Qureshi said during his visit to the US the prime minister would carry a message of a dignified Pakistan and, instead of seeking aid, would call for more trade.We want a reset in the relationship,” he explained to members of the media on Friday, while noting that the equation has moved from coercion to cooperation and from isolation to invitation.

The prime minister would speak to members of US Pakistan Business Council as well as encourage Pakistani-Americans to engage in business in Pakistan, where his government is reforming various sectors of the economy to make doing business easy.

According to Foreign Office, during his various engagements in Washington, the prime minister will outline his vision of “Naya Pakistan” and underscore the importance Pakistan attaches to a broader and multi-faceted relationship with the United States.

Imran is coming to present the case for Pakistan, Qureshi said.

Pakistan-US trade reached $6.62 billion (Dh24.3 billion) in 2018-19 — an all-time high. Pakistan’s major exports to the US included textiles and apparel, leather goods, surgical instruments, lamps, carpets, jewellery and plastics.

But the major focus is on Prime Minister Imran Khan’s meeting with President Trump at the White House on July 22, who has invited him after praising Pakistan’s cooperation.

There will be two sessions at the White House. President Trump will also host the prime minister and his delegation on a luncheon.

Besides Donald Trump, the prime minister would also interact with top American lawmakers including Speaker of the House of Representatives and members of Senate Foreign Relations Committee.

Foreign Minister Qureshi said Pakistan would make a pitch for moving the ties away from 18-year long Afghan war to a place where the two sides focus on augmenting cooperation in wide-ranging mutually beneficial areas.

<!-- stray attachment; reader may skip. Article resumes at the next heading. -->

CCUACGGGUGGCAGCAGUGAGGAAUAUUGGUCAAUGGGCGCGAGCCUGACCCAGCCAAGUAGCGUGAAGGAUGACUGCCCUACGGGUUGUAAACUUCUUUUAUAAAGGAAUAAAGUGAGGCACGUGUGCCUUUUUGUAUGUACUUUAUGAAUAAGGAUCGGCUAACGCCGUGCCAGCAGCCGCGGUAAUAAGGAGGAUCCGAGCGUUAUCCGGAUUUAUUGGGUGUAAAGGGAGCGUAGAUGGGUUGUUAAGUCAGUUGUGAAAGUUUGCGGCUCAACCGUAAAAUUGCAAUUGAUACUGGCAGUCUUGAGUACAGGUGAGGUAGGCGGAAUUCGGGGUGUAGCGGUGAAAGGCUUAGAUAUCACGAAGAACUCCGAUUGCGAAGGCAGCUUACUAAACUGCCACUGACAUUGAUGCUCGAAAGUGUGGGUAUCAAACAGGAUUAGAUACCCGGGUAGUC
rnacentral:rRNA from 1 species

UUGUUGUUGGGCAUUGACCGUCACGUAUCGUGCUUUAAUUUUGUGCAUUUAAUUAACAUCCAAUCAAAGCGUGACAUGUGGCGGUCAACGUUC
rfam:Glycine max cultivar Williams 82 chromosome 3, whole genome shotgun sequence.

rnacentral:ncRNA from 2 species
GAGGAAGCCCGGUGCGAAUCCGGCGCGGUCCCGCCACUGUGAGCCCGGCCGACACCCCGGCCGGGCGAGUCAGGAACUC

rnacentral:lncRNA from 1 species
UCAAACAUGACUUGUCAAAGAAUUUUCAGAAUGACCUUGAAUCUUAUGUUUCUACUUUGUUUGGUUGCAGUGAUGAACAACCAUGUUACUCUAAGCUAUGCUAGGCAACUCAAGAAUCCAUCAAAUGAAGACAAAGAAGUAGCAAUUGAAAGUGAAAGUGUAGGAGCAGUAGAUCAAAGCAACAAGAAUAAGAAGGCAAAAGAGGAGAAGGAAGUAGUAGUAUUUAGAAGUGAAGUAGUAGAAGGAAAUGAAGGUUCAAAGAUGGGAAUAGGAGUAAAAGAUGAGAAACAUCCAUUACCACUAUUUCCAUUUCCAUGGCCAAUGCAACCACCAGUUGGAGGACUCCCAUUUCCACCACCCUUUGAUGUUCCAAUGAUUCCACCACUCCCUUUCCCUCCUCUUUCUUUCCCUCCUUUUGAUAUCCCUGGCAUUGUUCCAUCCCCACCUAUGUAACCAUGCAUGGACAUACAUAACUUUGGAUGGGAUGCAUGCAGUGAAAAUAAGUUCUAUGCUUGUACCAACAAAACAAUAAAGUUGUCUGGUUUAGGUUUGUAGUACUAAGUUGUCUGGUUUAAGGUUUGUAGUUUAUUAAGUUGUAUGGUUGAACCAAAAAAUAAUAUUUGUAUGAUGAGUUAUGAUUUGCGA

Comment by Riaz Haq on July 21, 2019 at 5:04pm

Video: 30,000 #Pakistani #Americans welcome PM #ImranKhan In #WashingtonDC

An estimated 30,000 people, mostly Pakistani-Americans, gathered at the filled-to-the-rafters Capital One Arena in Washington DC, to meet Pakistani PM Imran Khan. The stadium has a seating capacity of 20,000, though thousands more are seated in main playing arena.

https://gulfnews.com/world/30000-largest-gathering-of-pakistani-ame...

The PM, a former international cricketer, received a rockstar's welcome as he appeared before the massive crowd, along with some members of his Cabinet. Imran Khan and his entourage flew to America on a commercial, instead of chartered, flight.

The Capital One Arena has 20,000 official seating capacity. Tweeps point out that there were thousands more seated in playing field. "You’re looking at the largest gathering of Pakistani Americans in history," according to a Pakistani-American at the scene.

Pakistan Prime Minister Imran Khan arrived in Washing on his maiden trip to the US.

He will hold talks with Donald Trump and reboot bilateral ties that were hit after the president publicly criticised Islamabad, cancelled military aid and asked it to do more to fight terrorism.

Comment by Riaz Haq on July 24, 2019 at 7:24am